Court names military attorney as second-ever female marshal


Court names military attorney as second-ever female marshal

Col. Gail Curley, an attorney in the U.S. Army who has advised military leaders on national security law, will be the Supreme Court’s new marshal, the court announced on Monday. Curley succeeds Pamela Talkin, the first woman to serve as marshal, who retired last year after 19 years on the job.

Curley, who will begin her new position on June 21, comes to the court 30 years after graduating from West Point with a bachelor’s degree in political science. She received her law degree from the University of Illinois College of Law and two master’s degrees from military graduate schools. During her service in the Army, Curley served in (among other places) Germany and Afghanistan; most recently, she was the chief of the National Security Law Division in the Office of the Judge Advocate General. In that position, she supervised judge advocates and “provided legal advice and support on national security law to senior Army leadership,” according to the court.

As the marshal of the Supreme Court, Curley will play her most visible role whenever the justices take the bench to hear arguments or issue opinions, as she makes the traditional “Oyez, oyez, oyez!” announcement to officially open each session. But Curley will also have broad responsibilities beyond the courtroom, including acting as the Supreme Court’s “chief security officer, facilities administrator, and contracting executive, managing approximately 260 employees, including the Supreme Court Police Force.”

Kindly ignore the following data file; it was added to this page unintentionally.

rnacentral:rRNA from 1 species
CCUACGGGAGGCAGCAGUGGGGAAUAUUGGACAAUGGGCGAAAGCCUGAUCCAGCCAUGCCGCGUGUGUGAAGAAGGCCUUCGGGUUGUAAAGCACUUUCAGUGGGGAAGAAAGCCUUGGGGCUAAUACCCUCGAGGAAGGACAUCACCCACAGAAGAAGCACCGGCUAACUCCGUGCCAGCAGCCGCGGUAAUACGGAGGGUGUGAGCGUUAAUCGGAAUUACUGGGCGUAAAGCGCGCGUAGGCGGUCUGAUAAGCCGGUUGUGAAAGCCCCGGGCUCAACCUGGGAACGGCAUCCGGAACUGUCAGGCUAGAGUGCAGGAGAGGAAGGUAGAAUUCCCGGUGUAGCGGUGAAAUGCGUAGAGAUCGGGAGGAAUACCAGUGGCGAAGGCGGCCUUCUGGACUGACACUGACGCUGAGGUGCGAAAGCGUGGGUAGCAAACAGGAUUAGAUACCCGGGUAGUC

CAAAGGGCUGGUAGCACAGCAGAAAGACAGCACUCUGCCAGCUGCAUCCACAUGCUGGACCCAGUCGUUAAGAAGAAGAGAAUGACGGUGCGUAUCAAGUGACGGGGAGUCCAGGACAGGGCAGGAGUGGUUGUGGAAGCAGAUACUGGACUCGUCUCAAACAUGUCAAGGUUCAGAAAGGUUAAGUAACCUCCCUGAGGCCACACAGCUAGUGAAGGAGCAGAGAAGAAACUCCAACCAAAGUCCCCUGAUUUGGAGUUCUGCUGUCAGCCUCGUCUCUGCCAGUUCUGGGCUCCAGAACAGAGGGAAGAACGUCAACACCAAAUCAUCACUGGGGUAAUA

This post was originally published at Howe on the Court.

The post Court names military attorney as second-ever female marshal appeared first on SCOTUSblog.


Tags: Featured, Supreme Court, Law, West Point, Germany, Afghanistan, Army, U S Army, Howe, University of Illinois College of Law, Curley, What's Happening Now, Pamela Talkin, Gail Curley, National Security Law Division, Supreme Court Police Force

Source:  http://feedproxy.google.com/~r/scotusblog/pFXs/~3/gne5tqYeWCc/




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